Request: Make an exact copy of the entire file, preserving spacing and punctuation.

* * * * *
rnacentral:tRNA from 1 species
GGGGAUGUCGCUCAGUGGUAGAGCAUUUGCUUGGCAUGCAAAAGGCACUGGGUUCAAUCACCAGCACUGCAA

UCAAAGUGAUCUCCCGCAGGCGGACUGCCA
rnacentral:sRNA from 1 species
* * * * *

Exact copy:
rnacentral:tRNA from 1 species
GGGGAUGUCGCUCAGUGGUAGAGCAUUUGCUUGGCAUGCAAAAGGCACUGGGUUCAAUCACCAGCACUGCAA

UCAAAGUGAUCUCCCGCAGGCGGACUGCCA
rnacentral:sRNA from 1 species